What is Jem's definition of a girl in Harper Lee's To Kill a Mockingbird?

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Tamara K. H. | Middle School Teacher | (Level 3) Educator Emeritus

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Jem's definition of a girl changes as he matures throughout the course of Harper Lee's To Kill a Mockingbird. We learn Jem's definitions of a girl through the various accusations he occasionally hurls at Scout.

The first time we see Jem accuse Scout of acting like a girl is when the children are playing with the spare tire. Dill has just returned for his second summer in Maycomb, and Scout has angered Jem by calling his myth concerning Hot Steams "nigger-talk" and telling Dill not to believe any of it. When Scout suggests they play by rolling in the tire, Jem unleashes his anger by pushing her, balled up in the tire, with all his might towards Radley Place. The tire crashes into the porch of Radley Place and dumps Scout onto the pavement. She is so dizzy that at first she can't move. When she realizes where she is, she stands, "trembling," and runs off of the property, abandoning the tire. Jem yells at her to get the tire, but she refuses, commanding him to go and get it instead. When Jem finally acquiesces and returns with the tire, he says to her, "See there? ... Nothin' to it. I swear, Scout, sometimes you act so much like a girl it's mortifying" (Ch. 4). Based on the context of his comment, we can tell that Jem is equating being a girl with showing a lack of courage. According to Jem's young mind, only boys are brave; therefore, Scout acts like a girl anytime she shows fear.

During this second summer with Dill, Jem continues to accuse Scout of behaving like a girl anytime she hesitates to play the "Boo Radley game" Jem has invented in which the children act out the rumors and myths surrounding Arthur Radley's life, their neighbor who the children call Boo Radley.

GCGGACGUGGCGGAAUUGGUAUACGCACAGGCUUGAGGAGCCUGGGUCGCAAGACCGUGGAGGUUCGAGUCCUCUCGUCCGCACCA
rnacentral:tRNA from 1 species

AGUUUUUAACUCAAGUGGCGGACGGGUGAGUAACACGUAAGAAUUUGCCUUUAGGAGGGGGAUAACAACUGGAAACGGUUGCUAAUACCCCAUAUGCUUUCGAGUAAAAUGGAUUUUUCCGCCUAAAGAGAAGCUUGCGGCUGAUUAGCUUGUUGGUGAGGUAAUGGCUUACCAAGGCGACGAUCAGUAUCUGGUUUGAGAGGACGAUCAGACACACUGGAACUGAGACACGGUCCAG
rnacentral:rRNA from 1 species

However, Jem's encounter with Mrs. Dubose and his father's lesson concerning Mrs. Dubose changes him significantly, helping him to see many things through a new, mature perspective. On the surface, Mrs. Dubose is the meanest old woman in the neighborhood. However, upon her death, Atticus tells Jem that she was really a "great lady" and the "bravest person [Atticus] ever knew" (Ch. 11). Atticus sees her as a great and brave lady because she undertook ridding herself of her morphine addiction despite the amount of pain she was in due to her illness and despite her imminent death. As Atticus explains to his children, real courage is knowing "you're licked before you begin but you begin anyway and you see it through no matter what" (Ch. 11). Once Jem is able to see Mrs. Dubose as a great and brave lady, his perception of what it means to be a girl completely changes. In Chapter 12, Scout begins complaining because Jem has been acting differently since Mrs. Dubose's death. At one point, Jem yells at Scout, saying, "It's time you started bein' a girl and acting right!" and making her cry. While we don't know what Scout did to provoke Jem's outburst, we do know that his perception has been changed by his experience with Mrs. Dubose. Evidently, Jem is now able to see a girl, or true lady, as one who behaves with the utmost bravery, just as Mrs. Dubose did in the final days of her life.

Hence, as Jem matures, his definition of being a girl changes from being one who isn't brave enough to being one who is extremely courageous. 

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